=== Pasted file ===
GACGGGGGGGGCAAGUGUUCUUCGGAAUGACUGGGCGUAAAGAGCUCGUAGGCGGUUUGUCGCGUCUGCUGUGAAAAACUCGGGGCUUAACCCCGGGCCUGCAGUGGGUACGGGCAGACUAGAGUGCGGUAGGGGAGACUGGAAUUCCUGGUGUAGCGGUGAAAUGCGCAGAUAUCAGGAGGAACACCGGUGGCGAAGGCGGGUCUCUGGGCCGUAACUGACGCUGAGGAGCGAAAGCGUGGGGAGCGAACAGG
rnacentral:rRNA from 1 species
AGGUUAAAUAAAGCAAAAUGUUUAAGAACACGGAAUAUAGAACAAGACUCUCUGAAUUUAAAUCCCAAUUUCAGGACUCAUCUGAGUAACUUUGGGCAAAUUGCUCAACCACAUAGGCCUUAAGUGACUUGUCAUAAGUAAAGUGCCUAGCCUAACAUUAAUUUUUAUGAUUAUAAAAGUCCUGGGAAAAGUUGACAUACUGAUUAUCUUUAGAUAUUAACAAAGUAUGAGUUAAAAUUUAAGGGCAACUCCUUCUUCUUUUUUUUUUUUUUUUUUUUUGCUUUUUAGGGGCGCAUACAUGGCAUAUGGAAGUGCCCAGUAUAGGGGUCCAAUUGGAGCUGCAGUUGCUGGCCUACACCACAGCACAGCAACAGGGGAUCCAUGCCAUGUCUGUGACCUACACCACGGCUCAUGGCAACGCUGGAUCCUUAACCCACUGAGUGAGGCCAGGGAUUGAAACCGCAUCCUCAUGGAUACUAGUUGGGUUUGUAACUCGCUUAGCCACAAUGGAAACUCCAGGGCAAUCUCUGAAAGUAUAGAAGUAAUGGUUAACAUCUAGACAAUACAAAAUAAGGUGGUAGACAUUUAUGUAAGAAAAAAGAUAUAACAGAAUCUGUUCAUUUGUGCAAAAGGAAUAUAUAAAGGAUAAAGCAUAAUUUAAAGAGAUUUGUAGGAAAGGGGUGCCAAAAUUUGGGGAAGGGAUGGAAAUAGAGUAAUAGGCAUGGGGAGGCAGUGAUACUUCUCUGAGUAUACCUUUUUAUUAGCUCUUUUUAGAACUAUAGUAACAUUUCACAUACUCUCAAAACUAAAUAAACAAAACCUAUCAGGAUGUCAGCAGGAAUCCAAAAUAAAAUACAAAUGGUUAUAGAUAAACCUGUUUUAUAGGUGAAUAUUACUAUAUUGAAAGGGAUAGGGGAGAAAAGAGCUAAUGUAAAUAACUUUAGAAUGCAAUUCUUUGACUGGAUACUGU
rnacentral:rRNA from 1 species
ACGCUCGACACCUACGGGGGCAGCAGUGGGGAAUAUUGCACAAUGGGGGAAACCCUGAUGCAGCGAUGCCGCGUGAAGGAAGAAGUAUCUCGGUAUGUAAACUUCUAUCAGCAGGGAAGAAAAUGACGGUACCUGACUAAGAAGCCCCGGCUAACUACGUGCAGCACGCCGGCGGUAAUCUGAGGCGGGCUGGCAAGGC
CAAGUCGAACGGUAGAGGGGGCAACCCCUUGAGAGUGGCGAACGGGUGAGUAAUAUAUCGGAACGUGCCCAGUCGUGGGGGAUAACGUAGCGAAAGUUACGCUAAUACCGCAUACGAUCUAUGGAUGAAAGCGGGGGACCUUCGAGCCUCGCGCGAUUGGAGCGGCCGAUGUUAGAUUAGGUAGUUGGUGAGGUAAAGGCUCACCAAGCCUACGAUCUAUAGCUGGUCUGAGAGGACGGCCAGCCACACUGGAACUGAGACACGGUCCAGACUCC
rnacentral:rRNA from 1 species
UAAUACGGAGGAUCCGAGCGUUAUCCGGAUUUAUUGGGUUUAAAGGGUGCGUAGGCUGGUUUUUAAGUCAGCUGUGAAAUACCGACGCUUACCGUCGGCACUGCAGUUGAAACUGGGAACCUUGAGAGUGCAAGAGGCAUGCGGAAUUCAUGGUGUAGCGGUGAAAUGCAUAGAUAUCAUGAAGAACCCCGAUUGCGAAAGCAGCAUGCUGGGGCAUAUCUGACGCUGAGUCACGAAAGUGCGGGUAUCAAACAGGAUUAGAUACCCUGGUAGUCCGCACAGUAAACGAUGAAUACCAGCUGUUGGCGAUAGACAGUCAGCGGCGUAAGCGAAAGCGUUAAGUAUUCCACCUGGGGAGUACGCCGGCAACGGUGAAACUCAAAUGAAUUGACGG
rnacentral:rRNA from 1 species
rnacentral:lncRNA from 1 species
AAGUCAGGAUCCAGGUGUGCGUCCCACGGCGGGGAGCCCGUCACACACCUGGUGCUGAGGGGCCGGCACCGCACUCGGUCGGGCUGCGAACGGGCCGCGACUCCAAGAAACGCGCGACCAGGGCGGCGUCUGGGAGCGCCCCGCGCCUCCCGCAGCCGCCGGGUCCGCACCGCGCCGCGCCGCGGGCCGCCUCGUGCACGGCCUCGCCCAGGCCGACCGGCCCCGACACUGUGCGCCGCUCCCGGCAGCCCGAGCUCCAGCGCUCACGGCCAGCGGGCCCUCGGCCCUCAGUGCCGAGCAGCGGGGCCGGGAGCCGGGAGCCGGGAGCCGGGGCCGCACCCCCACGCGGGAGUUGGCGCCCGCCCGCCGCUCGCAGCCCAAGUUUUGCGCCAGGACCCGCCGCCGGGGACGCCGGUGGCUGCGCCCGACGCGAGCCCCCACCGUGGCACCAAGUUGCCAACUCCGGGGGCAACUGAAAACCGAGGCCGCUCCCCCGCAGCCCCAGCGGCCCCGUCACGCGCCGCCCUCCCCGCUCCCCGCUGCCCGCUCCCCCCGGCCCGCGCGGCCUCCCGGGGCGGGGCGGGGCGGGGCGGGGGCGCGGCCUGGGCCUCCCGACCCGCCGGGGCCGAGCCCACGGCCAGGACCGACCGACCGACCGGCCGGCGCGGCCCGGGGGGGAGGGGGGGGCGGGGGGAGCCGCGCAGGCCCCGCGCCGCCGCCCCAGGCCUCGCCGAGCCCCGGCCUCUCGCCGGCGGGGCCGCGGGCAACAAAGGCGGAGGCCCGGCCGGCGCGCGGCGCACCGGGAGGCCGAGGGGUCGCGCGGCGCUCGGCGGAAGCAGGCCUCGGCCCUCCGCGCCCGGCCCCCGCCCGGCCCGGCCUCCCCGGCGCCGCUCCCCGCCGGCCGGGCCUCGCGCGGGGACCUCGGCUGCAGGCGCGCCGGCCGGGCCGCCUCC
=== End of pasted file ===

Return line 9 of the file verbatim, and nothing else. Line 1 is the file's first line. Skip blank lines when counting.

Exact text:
rnacentral:rRNA from 1 species